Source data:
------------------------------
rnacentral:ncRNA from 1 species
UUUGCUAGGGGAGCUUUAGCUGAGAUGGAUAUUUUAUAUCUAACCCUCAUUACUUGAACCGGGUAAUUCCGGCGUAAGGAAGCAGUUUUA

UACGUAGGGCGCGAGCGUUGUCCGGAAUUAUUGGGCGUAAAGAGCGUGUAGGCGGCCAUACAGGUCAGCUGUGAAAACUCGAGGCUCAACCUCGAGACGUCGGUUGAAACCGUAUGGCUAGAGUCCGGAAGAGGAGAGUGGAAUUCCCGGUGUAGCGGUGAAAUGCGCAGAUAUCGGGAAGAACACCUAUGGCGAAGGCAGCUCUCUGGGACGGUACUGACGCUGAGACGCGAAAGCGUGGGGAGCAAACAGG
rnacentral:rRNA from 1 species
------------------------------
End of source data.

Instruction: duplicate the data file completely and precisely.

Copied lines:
rnacentral:ncRNA from 1 species
UUUGCUAGGGGAGCUUUAGCUGAGAUGGAUAUUUUAUAUCUAACCCUCAUUACUUGAACCGGGUAAUUCCGGCGUAAGGAAGCAGUUUUA

UACGUAGGGCGCGAGCGUUGUCCGGAAUUAUUGGGCGUAAAGAGCGUGUAGGCGGCCAUACAGGUCAGCUGUGAAAACUCGAGGCUCAACCUCGAGACGUCGGUUGAAACCGUAUGGCUAGAGUCCGGAAGAGGAGAGUGGAAUUCCCGGUGUAGCGGUGAAAUGCGCAGAUAUCGGGAAGAACACCUAUGGCGAAGGCAGCUCUCUGGGACGGUACUGACGCUGAGACGCGAAAGCGUGGGGAGCAAACAGG
rnacentral:rRNA from 1 species